John: A lot of people would say that you are “living the marketers dream. What has it meant for you to get to where you are now?
Matt Diggity: To sum it up in one word: efficiency. There’s no way I could be at the level I’m at now if I weren’t constantly optimizing my productivity.
Here’s my recipe for success:
- For two weeks every three months, track every minute of your working day and note down how much time you spend doing each task. Then figure out how much money each of those tasks makes for you. Divide earnings by time spent to figure out how much money your time is worth. Finally, outsource all tasks that you can get done for less than your worth per hour.
- Test. Most of the SEO advice you read about on the internet is going to be pure speculation or marketing hype. When you take testing into your own hands, you avoid the B.S. and instead become the cutting-edge yourself.
- Periodically, sell off your bottom 20% money-generating websites. If you’re in client SEO, fire the bottom 20% of your clients. I don’t care if they’re making you thousands per month. Simply clearing out the bottom 20% makes room for more headspace to be applied to bigger projects with bigger returns. (Study Pareto’s Law. Learn it. Live it.)
- Give a high priority to building an incredible team of all-stars.
- This one is the key: Forge partnerships with top performers that excel in the skills that you lack.
- Lastly, gamify your success: Set goals and reward yourself for getting to those milestones. For example, as soon as you hit your first 6-figure year, book yourself a first class ticket to wherever you want.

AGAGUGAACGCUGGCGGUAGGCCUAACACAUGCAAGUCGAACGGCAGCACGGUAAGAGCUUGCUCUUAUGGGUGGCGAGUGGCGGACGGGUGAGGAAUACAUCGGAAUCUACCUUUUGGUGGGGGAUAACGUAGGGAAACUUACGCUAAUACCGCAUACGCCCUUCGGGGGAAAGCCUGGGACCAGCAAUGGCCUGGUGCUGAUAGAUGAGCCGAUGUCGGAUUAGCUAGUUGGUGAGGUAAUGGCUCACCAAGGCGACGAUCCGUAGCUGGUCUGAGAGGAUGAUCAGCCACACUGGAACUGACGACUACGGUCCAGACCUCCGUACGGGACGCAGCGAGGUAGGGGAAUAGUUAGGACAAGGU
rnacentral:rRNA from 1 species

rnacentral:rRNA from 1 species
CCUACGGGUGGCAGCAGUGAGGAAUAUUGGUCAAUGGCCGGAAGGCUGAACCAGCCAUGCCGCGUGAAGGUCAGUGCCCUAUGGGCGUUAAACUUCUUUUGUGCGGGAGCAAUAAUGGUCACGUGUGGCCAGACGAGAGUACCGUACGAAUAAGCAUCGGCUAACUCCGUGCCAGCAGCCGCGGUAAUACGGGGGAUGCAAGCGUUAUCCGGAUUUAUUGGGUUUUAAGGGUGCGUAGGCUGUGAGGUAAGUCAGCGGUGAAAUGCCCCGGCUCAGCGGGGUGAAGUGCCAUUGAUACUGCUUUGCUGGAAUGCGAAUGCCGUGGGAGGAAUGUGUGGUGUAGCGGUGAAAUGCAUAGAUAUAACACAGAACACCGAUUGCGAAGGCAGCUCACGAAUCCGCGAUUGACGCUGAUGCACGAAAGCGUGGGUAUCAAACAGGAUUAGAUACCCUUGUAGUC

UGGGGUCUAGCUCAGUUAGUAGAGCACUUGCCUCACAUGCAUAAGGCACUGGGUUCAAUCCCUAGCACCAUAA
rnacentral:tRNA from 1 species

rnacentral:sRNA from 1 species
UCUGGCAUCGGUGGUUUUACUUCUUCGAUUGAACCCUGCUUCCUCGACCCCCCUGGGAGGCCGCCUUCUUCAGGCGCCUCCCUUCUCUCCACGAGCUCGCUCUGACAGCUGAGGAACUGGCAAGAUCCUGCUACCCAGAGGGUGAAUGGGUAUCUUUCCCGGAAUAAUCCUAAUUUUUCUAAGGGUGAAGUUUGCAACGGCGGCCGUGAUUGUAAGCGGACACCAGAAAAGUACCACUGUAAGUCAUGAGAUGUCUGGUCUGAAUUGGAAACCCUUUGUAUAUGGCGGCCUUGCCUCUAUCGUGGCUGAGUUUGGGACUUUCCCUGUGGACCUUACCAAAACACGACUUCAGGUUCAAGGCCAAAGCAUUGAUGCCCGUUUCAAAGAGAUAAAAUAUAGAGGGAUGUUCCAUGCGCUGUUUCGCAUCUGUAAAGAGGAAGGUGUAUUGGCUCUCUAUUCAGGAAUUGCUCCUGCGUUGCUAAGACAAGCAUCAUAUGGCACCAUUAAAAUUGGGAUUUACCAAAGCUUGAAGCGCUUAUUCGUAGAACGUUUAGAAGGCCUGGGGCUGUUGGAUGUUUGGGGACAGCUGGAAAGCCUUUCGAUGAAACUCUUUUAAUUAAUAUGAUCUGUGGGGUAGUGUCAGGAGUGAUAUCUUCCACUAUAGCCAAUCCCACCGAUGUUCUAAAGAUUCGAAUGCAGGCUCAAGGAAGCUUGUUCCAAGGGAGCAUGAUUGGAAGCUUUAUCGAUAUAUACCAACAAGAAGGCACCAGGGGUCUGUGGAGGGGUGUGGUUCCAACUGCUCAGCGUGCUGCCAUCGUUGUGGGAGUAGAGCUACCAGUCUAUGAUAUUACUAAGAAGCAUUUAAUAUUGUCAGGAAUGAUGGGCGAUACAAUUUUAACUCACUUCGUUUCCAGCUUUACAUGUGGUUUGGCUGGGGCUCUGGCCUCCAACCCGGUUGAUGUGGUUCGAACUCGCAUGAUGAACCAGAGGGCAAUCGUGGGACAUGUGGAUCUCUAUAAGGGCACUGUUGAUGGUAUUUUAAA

John: That’s some pretty inspiring words right there Matt, I think a lot of people will benefit from adapting this kind of methodology.
For someone that would like to enter the online marketing industry on a shoestring budget, what would you suggest they do at the beginning of 2016 to make their dream come true?
Matt Diggity: This is a very interesting question. In general, sticking to a shoestring budget during the beginning phase is simply going to lengthen the time to success. You’re going to have less resources to work with and all your time is going to be spent in the nitty-gritty; doing work that virtual assistants could do. If you really want to make 2016 your dream year but don’t have the funds, this is my suggestion; intern/partner with someone with money and experience. Position yourself as an apprentice. Someone that they can train to do high-level tasks. You’ll take over what they’re doing now, so they can move on to the next thing. Do all the work for free. Don’t accept a penny. Work in exchange for knowledge and resources (in SEO this would likely be in the form of backlinks). Use the resources for your own projects. With solid mentorship, you’ll be able to learn faster, avoid newbie pitfalls, and avoid an upfront investment. Lastly, believe in yourself. Take action. And, most importantly, be kind to others. You can’t go wrong with this paradigm.